Two retrospective exhibits examine the progression of pop artist Billy Schenck and celebrate the unique take he’s brought to the Western genre for 45 years.
Although the days of the untamed frontier are long gone, the cowboy’s life remains an inspiration for countless artists. Painter Billy Schenck has been exploring that subject for more than four decades, portraying gunslingers, cattle drivers, rodeo riders, and silver screen stars. But his work isn’t limited to cowboys. Schenck tells many tales of the West, from those of its cattlemen to its indigenous people to its vast open landscapes — and does so in a voice all his own.
While his subject matter is traditional, Schenck’s approach is anything but. By infusing photorealistic scenes with a pop art sensibility, Schenck has set himself apart in the Western genre. “[His] paintings, prints, and photographs ... debunk the long-standing myths of the cowboy and his country, while celebrating what’s truly magnificent about America — the land,” writes author Amy Abrams in Schenck in the 21st Century: The Myth of the Hero and the Truth of America (Western Skies Press, 2013).
Now 68, Schenck first formally studied art in his 20s at the Columbus College of Art and Design, where he was introduced to the captioned works of Roy Lichtenstein and the Campbell’s Soup Canspaintings of Andy Warhol (he later worked briefly under Warhol in New York). It wasn’t until he attended the Kansas City Art Institute and saw his first western film that Schenck fell in love with the mythic American West. He credits Sergio Leone’s groundbreaking spaghetti western A Fistful of Dollars, with its artistic frames and distorted perceptions, as his primary inspiration. He told Southwest Art magazine that he “made a decision that if Leone could take that radical contemporary approach to the genre of western films, I was going to take a contemporary approach to painting Western subject matter.”
Schenck began transferring classic scenes from promotional movie stills to the canvas, reducing them in a flat, linear style and employing heavy outlines and bold unblended colors. His work took the New York art scene by storm in the 1960s, but once the pop art movement waned, Schenck decided to head west to “an environment that would accept my romantic attachment to Western subject matter, even though I was doing it with pop sensibility,” he told Southwest Art.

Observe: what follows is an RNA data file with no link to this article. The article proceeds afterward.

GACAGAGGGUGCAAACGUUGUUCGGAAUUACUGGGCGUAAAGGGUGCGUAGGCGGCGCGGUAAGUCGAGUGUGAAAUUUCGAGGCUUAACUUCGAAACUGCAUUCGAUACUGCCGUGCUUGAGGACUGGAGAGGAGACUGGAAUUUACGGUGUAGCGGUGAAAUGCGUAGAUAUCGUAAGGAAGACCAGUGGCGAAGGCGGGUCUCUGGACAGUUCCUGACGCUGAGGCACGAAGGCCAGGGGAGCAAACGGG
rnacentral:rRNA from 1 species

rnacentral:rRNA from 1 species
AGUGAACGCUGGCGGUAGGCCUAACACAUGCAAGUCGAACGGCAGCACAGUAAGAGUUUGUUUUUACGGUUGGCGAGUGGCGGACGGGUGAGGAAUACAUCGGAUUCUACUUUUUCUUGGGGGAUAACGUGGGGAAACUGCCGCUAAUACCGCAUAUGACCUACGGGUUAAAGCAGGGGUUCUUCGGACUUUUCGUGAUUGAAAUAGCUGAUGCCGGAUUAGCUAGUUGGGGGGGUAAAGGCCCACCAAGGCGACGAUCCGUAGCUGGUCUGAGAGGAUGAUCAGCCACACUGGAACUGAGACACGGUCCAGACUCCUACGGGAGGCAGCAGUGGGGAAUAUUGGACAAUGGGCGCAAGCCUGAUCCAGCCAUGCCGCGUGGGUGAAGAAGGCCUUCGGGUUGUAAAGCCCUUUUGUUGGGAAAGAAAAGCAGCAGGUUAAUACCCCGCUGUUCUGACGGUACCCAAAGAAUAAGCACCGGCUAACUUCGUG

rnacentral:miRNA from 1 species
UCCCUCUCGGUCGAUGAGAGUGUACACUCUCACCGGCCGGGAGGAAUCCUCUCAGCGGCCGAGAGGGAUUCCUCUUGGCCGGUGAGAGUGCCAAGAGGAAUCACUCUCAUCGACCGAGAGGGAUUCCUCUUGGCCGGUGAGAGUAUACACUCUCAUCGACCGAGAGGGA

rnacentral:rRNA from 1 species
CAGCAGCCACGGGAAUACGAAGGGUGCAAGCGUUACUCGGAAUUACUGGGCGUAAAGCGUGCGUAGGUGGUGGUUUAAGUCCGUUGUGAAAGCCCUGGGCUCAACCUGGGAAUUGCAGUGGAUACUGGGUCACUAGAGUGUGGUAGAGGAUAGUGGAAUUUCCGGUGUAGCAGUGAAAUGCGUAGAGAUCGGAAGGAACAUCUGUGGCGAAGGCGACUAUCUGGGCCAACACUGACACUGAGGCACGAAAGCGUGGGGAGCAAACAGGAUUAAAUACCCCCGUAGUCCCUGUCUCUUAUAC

Today Schenck lives the lifestyle that has long been the driving force of his art on his ranch outside of Santa Fe (a former rodeo competitor, he continues to produce professional ranch sortings on his property). He often hits the trails, camera in tow, to capture the real-life images that inform his paintings. “He is intimately familiar with life in the West and with the development of the Western myth,” notes Thomas Brent Smith, director of the Petrie Institute of Western American Art at the Denver Art Museum. “While many artists label themselves as contemporary Western artists but are simply ... depicting the Old West, Schenck knows well what it means to be simultaneously contemporary and Western.
“He is one of the few artists who challenge traditional myths in a way we can enjoy.”
To celebrate the individualistic vision Billy Schenck has brought to the West and its many inhabitants for 45 years, two retrospective exhibits will be held in 2016 showcasing 45 paintings and serigraphs that span the artist’s career. Billy Schenck: A 45 Year Retrospective will be on display at the Ellen Nöel Art Museum in Odessa, Texas, December 17, 2015 – March 6, 2016. The 45 featured artworks will then move to the Roswell Museum and Art Center in Roswell, New Mexico, for Billy Schenck’s West: A Retrospective, April 1 – September 18, 2016.
From the November/December 2013 issue.